African strains were shown to possess less TALe diversity and fall into two sublineages. All strains harbor the major virulence TALe, TalC, which targets SWEET14. Members of the second sublineage have TalC and TalF, the latter also targeting SWEET14. Another feature of the African strains is that loss of TalC function results in significantly reduced lesion length13. Xoo strains relying solely on TalC retained full virulence on Kitaake lines mutated in the TalC EBE within SWEET14 (ref. 19).
We show here that mutation of the TalC EBE in the promoter of SWEET14 in Kitaake led to only moderate resistance to the African strain AXO1947. By contrast, double knock out of SWEET13 and SWEET14 resulted in complete resistance24. Consistent with previous studies19,30, the dependence of African Xoo strains on SWEET gene expression to cause symptoms appears more complicated than anticipated. Alternatively, lesion length may not be strictly correlated with ecological fitness or disease severity, and variation in lesion length, particularly at lower value ranges, may be due to variant host defense responses to diverse pathogen lineages.
Broad resistance to bacterial blight at the SWEET promoters will not prevent adaptation of the pathogen, and the durability of this approach will depend on the ability of Xoo populations to adapt to recessive resistance alleles. As noted, TALe genes have limited diversity, and, when diversity is present, it comprises minor variations. We propose that creating polymorphisms that are larger than a single nucleotide change (ideally modifying the whole EBE) in the EBEs of SWEET genes is advisable. These changes will still capture minor TALe variants of the major, for example, for PthXo2 and AvrXa7/PthXo3. The promoter editing will also likely thwart TALe adaptation, assuming that ease of adaptation to new binding sites is inversely related to the number of novel nucleotides in the target sequence. EBEs must meet certain structural requirements for TALe binding within the available sequences of the susceptibility gene promoters. Another consideration is that breeders will likely combine these recessive resistance alleles with other locally effective resistance genes and these combinations will likely severely reduce disease pressure, further delaying strain adaptation.
A diagnostic kit that can both identify the promoter variants best suited to defeat the local pathogen population and monitor variant strain emergence is presented in an accompanying publication24. Breeders and pathologists can work together to provide selected lines to farmers, with an overall strategy of deploying multiple lines in a region to disfavor the evolution of novel strains.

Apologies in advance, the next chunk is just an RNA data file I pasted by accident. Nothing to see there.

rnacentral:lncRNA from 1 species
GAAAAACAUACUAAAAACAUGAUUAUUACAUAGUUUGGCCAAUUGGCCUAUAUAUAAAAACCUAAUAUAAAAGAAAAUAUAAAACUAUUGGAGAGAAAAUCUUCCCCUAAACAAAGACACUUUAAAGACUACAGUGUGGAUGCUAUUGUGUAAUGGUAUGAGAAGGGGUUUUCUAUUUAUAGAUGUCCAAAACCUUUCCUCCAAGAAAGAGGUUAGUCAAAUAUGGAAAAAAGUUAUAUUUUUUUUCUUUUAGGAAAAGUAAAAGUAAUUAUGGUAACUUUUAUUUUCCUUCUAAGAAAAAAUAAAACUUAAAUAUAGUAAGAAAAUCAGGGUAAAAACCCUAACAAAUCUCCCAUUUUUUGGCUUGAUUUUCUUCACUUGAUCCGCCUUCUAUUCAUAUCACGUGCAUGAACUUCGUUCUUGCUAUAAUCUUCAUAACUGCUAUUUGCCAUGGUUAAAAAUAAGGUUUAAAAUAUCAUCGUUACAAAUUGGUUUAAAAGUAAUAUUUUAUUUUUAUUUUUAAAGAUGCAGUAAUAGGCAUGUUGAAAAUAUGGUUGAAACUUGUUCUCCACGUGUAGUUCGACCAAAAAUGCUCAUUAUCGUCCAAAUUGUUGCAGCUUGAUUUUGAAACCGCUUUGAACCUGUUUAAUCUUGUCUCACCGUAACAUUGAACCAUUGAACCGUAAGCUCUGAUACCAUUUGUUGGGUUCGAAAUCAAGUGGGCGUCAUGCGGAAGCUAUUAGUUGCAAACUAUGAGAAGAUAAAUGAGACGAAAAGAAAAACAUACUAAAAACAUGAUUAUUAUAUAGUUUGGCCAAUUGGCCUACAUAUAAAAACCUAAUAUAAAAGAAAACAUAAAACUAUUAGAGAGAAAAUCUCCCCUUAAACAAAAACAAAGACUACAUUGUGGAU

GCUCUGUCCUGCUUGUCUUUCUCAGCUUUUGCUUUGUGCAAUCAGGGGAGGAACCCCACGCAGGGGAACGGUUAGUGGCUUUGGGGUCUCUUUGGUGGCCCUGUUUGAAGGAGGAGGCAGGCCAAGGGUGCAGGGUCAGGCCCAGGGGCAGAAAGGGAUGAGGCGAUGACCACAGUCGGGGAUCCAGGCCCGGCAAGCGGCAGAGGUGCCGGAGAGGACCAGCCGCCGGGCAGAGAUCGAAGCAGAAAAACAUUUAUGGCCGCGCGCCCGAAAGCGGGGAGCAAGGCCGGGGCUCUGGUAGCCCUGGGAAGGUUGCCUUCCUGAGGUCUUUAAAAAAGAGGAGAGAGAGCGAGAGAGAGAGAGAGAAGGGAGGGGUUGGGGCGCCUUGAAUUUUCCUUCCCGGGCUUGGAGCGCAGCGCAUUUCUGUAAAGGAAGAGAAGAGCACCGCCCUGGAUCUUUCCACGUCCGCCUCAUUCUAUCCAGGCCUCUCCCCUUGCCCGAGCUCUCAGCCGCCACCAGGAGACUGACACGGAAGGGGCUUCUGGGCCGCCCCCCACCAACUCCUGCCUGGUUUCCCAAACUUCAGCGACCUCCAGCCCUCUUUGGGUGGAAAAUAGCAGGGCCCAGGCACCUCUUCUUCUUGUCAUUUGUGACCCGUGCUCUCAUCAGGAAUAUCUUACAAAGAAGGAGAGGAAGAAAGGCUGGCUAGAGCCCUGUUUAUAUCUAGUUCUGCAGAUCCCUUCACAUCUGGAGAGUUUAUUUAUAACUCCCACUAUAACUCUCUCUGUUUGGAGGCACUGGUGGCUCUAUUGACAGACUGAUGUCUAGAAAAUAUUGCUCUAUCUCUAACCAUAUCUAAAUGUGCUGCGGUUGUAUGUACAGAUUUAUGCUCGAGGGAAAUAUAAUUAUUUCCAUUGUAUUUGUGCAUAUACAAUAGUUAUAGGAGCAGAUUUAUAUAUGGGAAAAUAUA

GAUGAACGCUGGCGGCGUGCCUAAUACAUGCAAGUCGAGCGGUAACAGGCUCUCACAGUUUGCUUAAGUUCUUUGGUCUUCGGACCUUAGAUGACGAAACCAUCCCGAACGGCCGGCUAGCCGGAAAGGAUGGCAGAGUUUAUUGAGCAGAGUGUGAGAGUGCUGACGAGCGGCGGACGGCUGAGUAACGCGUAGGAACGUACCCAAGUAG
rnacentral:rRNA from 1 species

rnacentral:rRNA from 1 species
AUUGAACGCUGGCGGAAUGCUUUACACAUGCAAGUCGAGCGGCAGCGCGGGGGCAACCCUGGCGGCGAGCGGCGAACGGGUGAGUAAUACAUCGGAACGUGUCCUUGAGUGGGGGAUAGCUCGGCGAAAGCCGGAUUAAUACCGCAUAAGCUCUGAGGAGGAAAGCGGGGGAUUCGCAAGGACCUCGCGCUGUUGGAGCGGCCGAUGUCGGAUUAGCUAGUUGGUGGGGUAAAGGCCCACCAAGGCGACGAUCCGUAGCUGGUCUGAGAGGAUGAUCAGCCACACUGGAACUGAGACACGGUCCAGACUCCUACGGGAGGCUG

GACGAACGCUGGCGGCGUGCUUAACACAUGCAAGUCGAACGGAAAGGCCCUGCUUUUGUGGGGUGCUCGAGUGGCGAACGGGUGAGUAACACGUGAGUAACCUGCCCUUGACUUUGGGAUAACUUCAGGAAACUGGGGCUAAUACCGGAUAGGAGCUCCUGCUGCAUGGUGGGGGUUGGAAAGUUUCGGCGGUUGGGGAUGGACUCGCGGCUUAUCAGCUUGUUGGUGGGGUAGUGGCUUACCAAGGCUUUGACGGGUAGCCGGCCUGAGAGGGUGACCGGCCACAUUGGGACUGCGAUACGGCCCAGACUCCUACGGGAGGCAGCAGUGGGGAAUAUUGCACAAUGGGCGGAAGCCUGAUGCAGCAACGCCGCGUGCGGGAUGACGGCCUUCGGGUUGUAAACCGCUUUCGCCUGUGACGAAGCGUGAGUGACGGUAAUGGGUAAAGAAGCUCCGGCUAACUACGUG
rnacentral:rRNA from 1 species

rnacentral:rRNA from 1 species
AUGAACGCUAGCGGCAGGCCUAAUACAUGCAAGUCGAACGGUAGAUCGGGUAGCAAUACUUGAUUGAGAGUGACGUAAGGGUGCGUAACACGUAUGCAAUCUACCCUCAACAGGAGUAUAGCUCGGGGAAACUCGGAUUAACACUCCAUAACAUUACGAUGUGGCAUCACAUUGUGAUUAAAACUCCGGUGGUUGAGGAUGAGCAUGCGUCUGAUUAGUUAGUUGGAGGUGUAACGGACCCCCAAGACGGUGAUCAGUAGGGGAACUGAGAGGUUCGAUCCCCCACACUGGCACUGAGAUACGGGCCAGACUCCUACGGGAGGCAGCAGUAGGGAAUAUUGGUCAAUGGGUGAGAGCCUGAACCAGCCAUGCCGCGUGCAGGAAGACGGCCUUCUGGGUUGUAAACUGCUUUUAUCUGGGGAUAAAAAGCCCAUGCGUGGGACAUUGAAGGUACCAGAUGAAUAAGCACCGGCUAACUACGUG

Multiplex targeting using CRISPR–Cas9 has created the ability to simultaneously edit all EBEs present in any single rice line. However, this method is limited owing to the constraint of possible edits and problems with the delivery of editing complexes. For example, the most efficient genome editing is via DNA-mediated delivery, which confers regulatory concerns on edited plants. Genome editors such as CRISPR–Cpf1 (also called Cas12a, which allows for larger mutations), potent ribonucleoprotein (RNP) delivery and transgene-free genome editing may mitigate these limitations and improve the durability of disease resistance.
In conclusion, by using a combination of systematic analyses of diverse Xoo strains, an understanding of SWEET genes and genome editing, we were able to engineer broad-spectrum resistance in Kitaake and two mega varieties IR64 and Ciherang-Sub1. Genome editing can result in off-target effects and the transformation process often leads to mutations and somaclonal variation31,32, but on- and off-target analysis of rice genomes in NCBI with the Cas9 guide RNAs revealed that all the predicted off-target sites lack PAM sequences (an essential component for Cas9 recognition) and contain mismatches larger than 4 nucleotides to the guide sequences within the single guide RNA (sgRNA) genes (Supplementary Table 8). Furthermore, off-target mutations (if they are present), and other mutations derived from tissue culture and the regeneration process, will be eliminated in crosses during breeding. Full genome sequencing will be needed to identify possible off-target mutations and to ensure that the lines do not contain any T-DNA. Finally, our preliminary analysis of agronomic traits, while promising, is insufficient for direct deployment. Extensive field trials will be necessary to ensure performance of these edited resistant lines.
Plant material, bacterial strains, medium and growth conditions
Rice varieties used here were Oryza sativa L. ssp. japonica Kitaake12, and Oryza sativa L. ssp. indica IR24 (ref. 12), IR64 (ref. 26) and Ciherang-Sub1 (ref. 28). Rice plants were grown in growth chambers at 30 °C for a 12-h light period and at 28 °C for a 12-h dark period, with 60–75% relative humidity in the Yang laboratory, or under small-scale field environment in a screenhouse (28 °C ± 7 °C day and 23 °C ± 4 °C night; 80–85% relative humidity) at IRRI. Escherichia coli strains were grown in LB medium supplemented with appropriate antibiotics at 37 °C. Agrobacterium tumefaciens strains were grown at 30 °C in the dark. All Xoo strains were grown at 28 °C in TSA (10 g l−1 tryptone, 10 g l−1 sucrose and 1 g l−1 glutamic acid). Antibiotics were used at the following concentrations if required: 100 μg ml−1 ampicillin; 10 µg ml−1 cephalexin; 25 μg ml−1 chloramphenicol; 25 μg ml−1 kanamycin; 100 μg ml−1 spectinomycin; and 10 µg ml−1 tetracycline.